Antibiotics in livestock

In the UK, 44% of antibiotics are prescribed to non-humans – that’s livestock, including gamebirds, (37%) and pets (7%)1.   That’s not to say there are likely to be antibiotics in your meat, there is a mandated withdrawal period before any animal is slaughtered for meat or before milk enters the food chain.    However, the overuse of antibiotics as a cause of antibiotic resistance applies as much to veterinary use as for human use.  Despite the emergence of antibiotic resistance shortly after the discovery of antibiotics in the 1940s, and many reports in the 1960s and 1970s, it wasn’t until 2006 that the use of antibiotics as growth promoters was banned in the EU.  The good news is that government targets to reduce antibiotic use in livestock are currently on track.  The bad news is that they are finding antibiotic resistant genes in meat around the world.

The Guardian recently reported on an increase in the proportion of chickens found in UK supermarkets that had campylobacter resistant to the antibiotics used to treat it.  (Campylobacter can cause serious food poisoning in humans.)  Whilst there are differences in many of the bacteria that infect animals and humans, there is the potential for resistance to be transferred between species (horizontal transfer) and there are some bacteria that are shared; Salmonella and Campylobacter being two examples.

It is also worth noting that 83 billion tonnes of livestock manure is spread onto land each year in the UK, and in one gram of manure there are 1×1011 bacteria, which means that if just 1% of the bacteria have resistance to antibiotics, then there are more resistant bugs than there are grains of sand going onto UK fields each year.

So, given that it might be a problem, what are the supermarkets doing about it?  To date, there are only three supermarkets publishing data on the use of antibiotics in their supply chain; Marks and Spencer, Waitrose and Asda, all seem to have less than the sector average which means someone is using more than average.  With the exception of Lidl, all of the supermarkets publish their policy online; many contain the same aims.  Most are targeting a reduction in the amount used in their supply chain, although some are only just starting to monitor and establish their baselines.  All of them say that they will only allow the use of antibiotics under veterinary supervision.  But some of the pledges are not entirely clear; for example, Aldi state on their website that they don’t support the use of antibiotics as prophylactics (used to treat an animal to prevent disease e.g. if others in the herd are ill), but then in their policy they state that prophylaxis is only permitted under veterinary supervision.  Sainsbury’s have something similar on their website.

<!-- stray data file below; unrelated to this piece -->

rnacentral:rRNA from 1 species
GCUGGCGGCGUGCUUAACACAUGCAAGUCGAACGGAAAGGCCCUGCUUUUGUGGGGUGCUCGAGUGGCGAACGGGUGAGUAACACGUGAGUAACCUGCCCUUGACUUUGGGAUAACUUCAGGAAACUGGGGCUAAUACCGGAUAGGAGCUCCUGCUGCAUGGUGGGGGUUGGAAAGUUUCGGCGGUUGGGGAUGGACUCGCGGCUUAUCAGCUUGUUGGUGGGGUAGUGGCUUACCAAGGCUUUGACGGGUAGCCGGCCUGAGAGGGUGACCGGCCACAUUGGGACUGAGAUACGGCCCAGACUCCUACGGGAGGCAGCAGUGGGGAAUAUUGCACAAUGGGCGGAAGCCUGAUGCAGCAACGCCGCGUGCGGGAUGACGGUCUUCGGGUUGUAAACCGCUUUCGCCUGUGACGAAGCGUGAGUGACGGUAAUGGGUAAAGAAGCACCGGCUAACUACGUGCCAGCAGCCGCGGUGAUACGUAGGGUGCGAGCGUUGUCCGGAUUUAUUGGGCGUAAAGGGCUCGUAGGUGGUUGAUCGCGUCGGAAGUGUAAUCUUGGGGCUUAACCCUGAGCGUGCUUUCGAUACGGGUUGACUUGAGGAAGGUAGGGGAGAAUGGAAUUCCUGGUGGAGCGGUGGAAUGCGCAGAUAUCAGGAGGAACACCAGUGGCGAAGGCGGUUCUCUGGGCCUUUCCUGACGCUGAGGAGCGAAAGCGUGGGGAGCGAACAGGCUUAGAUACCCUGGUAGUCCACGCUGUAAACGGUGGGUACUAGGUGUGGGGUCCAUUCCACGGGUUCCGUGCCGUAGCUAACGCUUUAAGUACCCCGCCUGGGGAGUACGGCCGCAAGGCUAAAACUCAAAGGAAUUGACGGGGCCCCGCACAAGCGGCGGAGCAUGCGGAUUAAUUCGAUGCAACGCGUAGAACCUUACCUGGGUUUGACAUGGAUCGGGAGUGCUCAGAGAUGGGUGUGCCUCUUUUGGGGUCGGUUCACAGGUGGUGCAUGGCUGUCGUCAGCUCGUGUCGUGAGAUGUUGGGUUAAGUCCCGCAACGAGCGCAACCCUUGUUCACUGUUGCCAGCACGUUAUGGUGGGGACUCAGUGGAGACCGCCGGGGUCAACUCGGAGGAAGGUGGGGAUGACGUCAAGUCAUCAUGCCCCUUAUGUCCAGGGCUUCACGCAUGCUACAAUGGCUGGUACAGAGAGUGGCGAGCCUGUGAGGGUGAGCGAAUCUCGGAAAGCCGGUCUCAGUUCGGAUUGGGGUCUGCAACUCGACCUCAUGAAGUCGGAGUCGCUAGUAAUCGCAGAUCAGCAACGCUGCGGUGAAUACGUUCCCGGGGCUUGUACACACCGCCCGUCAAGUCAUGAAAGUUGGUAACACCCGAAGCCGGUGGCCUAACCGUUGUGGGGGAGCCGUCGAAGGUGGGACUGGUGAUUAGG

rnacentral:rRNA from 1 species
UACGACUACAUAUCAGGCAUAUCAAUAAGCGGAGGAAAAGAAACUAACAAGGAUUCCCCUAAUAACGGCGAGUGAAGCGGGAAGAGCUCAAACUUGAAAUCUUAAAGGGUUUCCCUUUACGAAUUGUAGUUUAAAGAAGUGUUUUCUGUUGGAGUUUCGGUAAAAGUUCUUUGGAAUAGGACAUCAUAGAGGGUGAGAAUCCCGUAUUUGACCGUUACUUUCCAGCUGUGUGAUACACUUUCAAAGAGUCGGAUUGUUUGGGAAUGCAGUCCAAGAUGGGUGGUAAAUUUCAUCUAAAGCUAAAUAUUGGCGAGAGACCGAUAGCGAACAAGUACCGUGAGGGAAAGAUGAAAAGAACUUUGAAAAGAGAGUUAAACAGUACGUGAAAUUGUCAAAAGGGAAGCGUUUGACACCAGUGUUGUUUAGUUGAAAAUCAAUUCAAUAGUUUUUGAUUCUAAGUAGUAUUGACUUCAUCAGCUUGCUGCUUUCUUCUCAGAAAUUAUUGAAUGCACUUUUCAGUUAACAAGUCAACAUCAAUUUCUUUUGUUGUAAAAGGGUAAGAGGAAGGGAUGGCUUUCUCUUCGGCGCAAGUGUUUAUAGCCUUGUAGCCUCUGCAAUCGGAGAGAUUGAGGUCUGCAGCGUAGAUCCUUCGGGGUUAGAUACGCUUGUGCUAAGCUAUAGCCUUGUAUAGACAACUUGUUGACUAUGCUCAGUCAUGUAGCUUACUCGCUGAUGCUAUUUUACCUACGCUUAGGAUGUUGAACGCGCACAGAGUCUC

But, most concerning to me is the stand on CIAs – Critically Important Antibiotics – antibiotics important to human health.  Only M&S states that they prohibit the use of these, including Colistin, the last resort antibiotic for humans.  All of the other supermarkets mention them, but they only go so far as to state that they can only be used as a last resort.  Whilst these antibiotics only make up around 1% of the total use in animals, M&S seem to be saying that they don’t need to be used at all.  With the first bacon labelled as being raised without antibiotics hitting supermarket shelves2, perhaps change is on the way?


Pig Business

Last night, encouraged by a myriad of twitters and tweets, I tuned in to watch Tracy Worcester’s ‘Pig Business‘, an exposé of the pig industry.

For those of you who did not see it, Pig Business was a relatively objective film highlighting the activities of Smithfield, one of the US‘s largest suppliers of meat, as it started up operations in Poland, where it has bought up a number of farms and meat processors in the post communist era.

The film concentrated on two main themes; surprisingly, animal welfare did not seem to rank as highly as the Industry’s impact on human health, or the loss of a traditional way of life for Poland’s many small farmers.

Human health issues were linked to the practice of spraying the pig excrement onto nearby fields from a series of lagoons, a method that is now banned for new facilities in the US due to the ill health suffered by nearby residents; needless to say there were similar complaints in Poland.